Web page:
Why COVID-19 Misinformation Works
The rampant spread of false information about the coronavirus has been attributed to politicians who have promoted remedies ranging from anti-malarial drugs to herbal drinks. But how humans process knowledge has an important role to play in understanding why so many have bought into these “cures.”
- 23 November 2021
- 4 min read
- by Project Syndicate
At the United Nations General Assembly meeting in September, Brazilian President Jair Bolsonaro used his allotted time at the podium to recount his views on COVID-19. He extolled the virtues of treatments that have been rejected by scientists and proclaimed that he had benefited from the anti-malarial drug hydroxychloroquine.
Bolsonaro’s support for such “miracle cures” is well known. He has appeared regularly in the Brazilian press and on social networks promoting the use of off-label treatments that have no basis in scientific fact. And he is not alone. During his administration, former US President Donald Trump advocated for a variety of unproven remedies, and the president of Madagascar, Andry Rajoelina, has sponsored a drink derived from the herb artemisia to treat COVID-19. To the despair of the scientific community, these politicians and others have successfully convinced a large swath of the public of such treatments’ efficacy and safety.
Misinformation has run rampant during the pandemic, but it is not a new phenomenon. In their seminal work on the perception of welfare in the United States, the political scientist James Kuklinski and his colleagues showed that significant portions of the American population held inaccurate beliefs about the recipients of state support and the benefits they received. They also found that the prevalence of misinformation prevented accurate information from gaining traction. Misinformed people do not simply have inaccurate information; they are heavily invested in their misconceptions. And this is what makes misinformation so powerful: it combines misperceptions about the world with a high degree of confidence in their accuracy.
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People do not believe false information because they are ignorant. There are many factors at work, but most researchers would agree that the belief in misinformation has little to do with the amount of knowledge a person possesses. Misinformation is a prime example of motivated reasoning. People tend to arrive at the conclusions they want to reach as long as they can construct seemingly reasonable justifications for these outcomes. One study published in 2017 has shown that people who have greater scientific knowledge and education are more likely to defend their polarized beliefs on controversial science topics because of “nonscientific concerns.”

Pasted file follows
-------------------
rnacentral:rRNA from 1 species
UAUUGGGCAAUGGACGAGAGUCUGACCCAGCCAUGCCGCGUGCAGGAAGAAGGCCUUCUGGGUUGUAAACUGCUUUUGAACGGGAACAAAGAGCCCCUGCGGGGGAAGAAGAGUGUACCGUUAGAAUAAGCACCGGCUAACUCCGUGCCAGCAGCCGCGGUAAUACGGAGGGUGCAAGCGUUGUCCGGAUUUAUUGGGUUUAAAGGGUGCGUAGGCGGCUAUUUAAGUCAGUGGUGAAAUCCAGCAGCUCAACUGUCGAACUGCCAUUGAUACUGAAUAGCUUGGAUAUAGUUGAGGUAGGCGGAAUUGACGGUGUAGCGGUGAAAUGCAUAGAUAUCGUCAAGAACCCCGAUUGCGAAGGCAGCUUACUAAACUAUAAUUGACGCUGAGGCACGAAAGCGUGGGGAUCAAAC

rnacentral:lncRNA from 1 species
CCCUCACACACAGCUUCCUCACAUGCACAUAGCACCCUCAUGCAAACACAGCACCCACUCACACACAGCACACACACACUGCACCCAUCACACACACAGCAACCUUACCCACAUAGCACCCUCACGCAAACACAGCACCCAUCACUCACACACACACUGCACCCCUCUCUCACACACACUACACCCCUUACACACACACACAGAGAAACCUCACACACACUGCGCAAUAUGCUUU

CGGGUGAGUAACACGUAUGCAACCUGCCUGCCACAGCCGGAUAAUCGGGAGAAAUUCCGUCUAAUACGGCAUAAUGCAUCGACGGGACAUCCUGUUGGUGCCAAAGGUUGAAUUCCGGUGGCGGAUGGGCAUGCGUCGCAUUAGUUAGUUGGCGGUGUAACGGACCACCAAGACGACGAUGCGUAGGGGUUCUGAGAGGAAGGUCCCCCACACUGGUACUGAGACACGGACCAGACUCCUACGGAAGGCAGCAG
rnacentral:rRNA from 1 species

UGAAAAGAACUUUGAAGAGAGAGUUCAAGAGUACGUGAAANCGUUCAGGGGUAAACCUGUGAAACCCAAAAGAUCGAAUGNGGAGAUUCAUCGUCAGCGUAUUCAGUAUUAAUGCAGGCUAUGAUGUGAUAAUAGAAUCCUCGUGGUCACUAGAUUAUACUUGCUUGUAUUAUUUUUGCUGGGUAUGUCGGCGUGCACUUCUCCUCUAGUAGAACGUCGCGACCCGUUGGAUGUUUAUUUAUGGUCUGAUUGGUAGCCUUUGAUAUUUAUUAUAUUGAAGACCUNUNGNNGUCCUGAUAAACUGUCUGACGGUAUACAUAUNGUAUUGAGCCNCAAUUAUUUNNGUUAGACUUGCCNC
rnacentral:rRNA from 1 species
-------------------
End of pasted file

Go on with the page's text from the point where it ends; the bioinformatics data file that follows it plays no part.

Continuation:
One of the most powerful of these concerns is the preservation of identity. Political leaders are most effective in pushing misinformation when they exploit citizens’ fear of losing what they perceive to be defining aspects of their culture, particularly its language, religion, and perceived racial and gender hierarchies and roles. In polarized political environments, the purchase that misinformation gains has little to do with low levels of knowledge or engagement, but rather with how information is interpreted in a way that dovetails with partisan identity. The “us versus them” lens means that the different bits of information people receive are processed in a way that is amenable to their worldview. This is why individuals can draw strikingly divergent conclusions from the same facts.
When political leaders peddle unproven treatments for COVID-19, they are capitalizing on this polarizing tendency. But an excessive focus on these leaders may obscure the main reason people buy into these messages. The willingness to believe misinformation is rooted in underlying aspects of cultural identity, which politicians manipulate.
Recent research by Mariana Borges Martins da Silva, a postdoctoral fellow at the University of Oxford, has shown that one reason Brazilians trust treatments like the ones promoted by Bolsonaro is a deep cultural belief that a “serious doctor” is one who prescribes medicine. Bolsonaro didn’t have to convince Brazilians of the benefits of ivermectin and chloroquine. He needed only to confirm the norm that potentially serious diseases always must be treated with drugs. He provided a narrative that allowed segments of the population to arrive at their desired conclusion. And that was enough.
Understanding the drivers of misinformation is critical to preventing its spread. To keep people safe from COVID-19 and encourage vaccination, it is not enough to denounce politicians who promote false information. We also must understand the underlying motivations that lead people to believe it.